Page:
The Rest of the Best DVDs of 2010

Still catching up with last year's home video releases

Even if this column were weekly—even if this column were daily—I'd be hard-pressed to keep up with the dozens of DVD and Blu-ray releases new and old rolled out every Tuesday throughout the year, not to mention the mushrooming number of titles made available via cable on demand and Internet streaming. All of which is great, but that means that there were a number of worthy 2010 titles that I got to late or didn't get a chance to write about here. And so, before we launch fully into 2011, a round-up of releases that are so last year but shouldn't be missed.

A couple of the more fascinating films of the past year purported to be documentaries, and then made critics and audiences question whether or not that could possibly be the case. Regarding I'm Still Here (Magnolia DVD and Blu-ray), the Casey Affleck-directed account of fellow actor Joaquin Phoenix turning his back on acting, embracing an ill-advised rap career, and sinking into drug abuse and insanity, the film was eventually revealed to be an elaborate performance. It takes a special sort of viewer to sit through its mental and emotional sadomasochism even knowing it's all a put-on, but there's something fascinating about it nonetheless, a morbid humor brought on not so much by wondering if the bloated and unwashed Phoenix is truly losing his grip as by marveling at the fact that he isn't and still thought this was a good idea. There's no telling how this will affect any career he has from here, but I for one will never look at him again without picturing him wondering aloud what various hookers' buttholes smell like.

In the case of Exit Through the Gift Shop (Oscilloscope DVD and Blu-ray), the jury is still out on whether or not this account of the rise of contemporary street art is entirely "real" in its particulars. Purportedly directed by enigmatic street-art dean Banksy, it follows the story of Thierry Guetta, a pudgy French ringer for Ron Jeremy who starts filming hallowed street-art pioneers such as Space Invader, Shepard Fairey, and Banksy himself, for a purported be-all end-all street-art doc. When Guetta turns out to be not much of a filmmaker, Banksy takes over the film, only to capture Guetta—now calling himself Mr. Brainwash—transforming himself into an overnight street-art sensation with far greater success. "Real" or not, Exit captures the history and trickster spirit of street art as well as one can imagine any medium getting it down and provides a fascinating meditation on contemporary fame in the bargain.

As a parent, I spend a lot of time watching movies made for kids, few of which I actually enjoy or find much to recommend about. The best kids film of the year, hands-down, was The Secret of Kells (New Media DVD and Blu-ray), and it appealed far more than many of the films designed for grown-ups. The feature debut of a group of Irish animators known as Cartoon Saloon, it tells the story of the origins of legendary Dark Ages illuminated manuscript the Book of Kells via the story of a young monk named Brendan, incorporating elements both historical (the bloody Viking raids on Britain) and fantastic (the fearsome pagan deity Crom Cruach; a female fairy named Aisling). The visual style that directors Tomm Moore and Nora Twomey create here simply dazzles: computer animation made 2-D flat, beautifully stylized a la the book in question, and detailed down to the smallest speck (e.g. each individual snowflake is a tiny illumination symbol). Best of all, though, the story is well done, poignant, and wonderfully humanist. A contemporary classic for the whole family, literally.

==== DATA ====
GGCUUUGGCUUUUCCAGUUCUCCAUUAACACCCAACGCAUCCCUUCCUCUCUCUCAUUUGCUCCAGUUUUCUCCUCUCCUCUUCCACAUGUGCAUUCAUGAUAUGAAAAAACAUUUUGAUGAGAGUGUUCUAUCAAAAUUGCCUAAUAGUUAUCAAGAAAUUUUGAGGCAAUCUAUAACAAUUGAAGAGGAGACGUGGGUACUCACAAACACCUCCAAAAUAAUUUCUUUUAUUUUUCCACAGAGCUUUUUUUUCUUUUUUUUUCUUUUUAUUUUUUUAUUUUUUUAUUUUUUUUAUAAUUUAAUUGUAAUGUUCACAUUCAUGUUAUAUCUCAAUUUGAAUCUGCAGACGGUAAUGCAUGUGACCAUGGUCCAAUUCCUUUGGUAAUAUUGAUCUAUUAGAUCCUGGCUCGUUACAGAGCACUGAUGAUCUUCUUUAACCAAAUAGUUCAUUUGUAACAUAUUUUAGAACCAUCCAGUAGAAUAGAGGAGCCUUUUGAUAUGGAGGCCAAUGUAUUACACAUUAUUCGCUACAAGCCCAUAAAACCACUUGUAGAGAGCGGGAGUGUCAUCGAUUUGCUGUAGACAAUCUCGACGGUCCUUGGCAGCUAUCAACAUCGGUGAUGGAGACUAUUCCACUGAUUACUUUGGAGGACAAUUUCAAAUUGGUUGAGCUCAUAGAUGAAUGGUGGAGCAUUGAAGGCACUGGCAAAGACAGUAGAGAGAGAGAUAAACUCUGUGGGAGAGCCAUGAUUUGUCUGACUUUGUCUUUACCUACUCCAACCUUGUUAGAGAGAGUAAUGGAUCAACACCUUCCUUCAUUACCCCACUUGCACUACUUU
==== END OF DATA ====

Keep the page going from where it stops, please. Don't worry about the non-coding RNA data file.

Jeez, already I'm running out of room. Those looking for an urbane but biting comedy in the vein of mid-period Woody Allen would do well to rent Please Give (Sony Pictures Classics DVD and Blu-ray), Nicole Holofcener's smart, subtle exploration of the uncomfortable first-world struggle between good fortune, good deeds, and guilt, plus some of the most realistic family dynamics you're likely to see onscreen anytime soon, even set in the fantasy land of well-to-do Manhattan. Fans of Animal Kingdom or any number of the other solid crime films to hit screens big and small this year shouldn't miss The Square (Apparition DVD and Blu-ray), a tense, low-key Aussie indie that expertly piles up base motivations, petty crimes, and grim twists of fate into a hurtling Double Indemnity-style classic noir. And props are due to a personal fave type—the overachieving genre movie—in the form of Splice (Warner DVD and Blu-ray), Vincenzo Natali's uncomfortable family drama disguised as a scientific horror flick. A couple of hot young genetic scientists (Sarah Polley and Adrien Brody) whip up a new life form in the lab and all sorts of complications ensue in their attachments to it and to each other. Not a deathless classic by any means, but far smarter and deeply icky than its modest box office take would indicate. There are still more titles to talk about, but now it's time for 2011.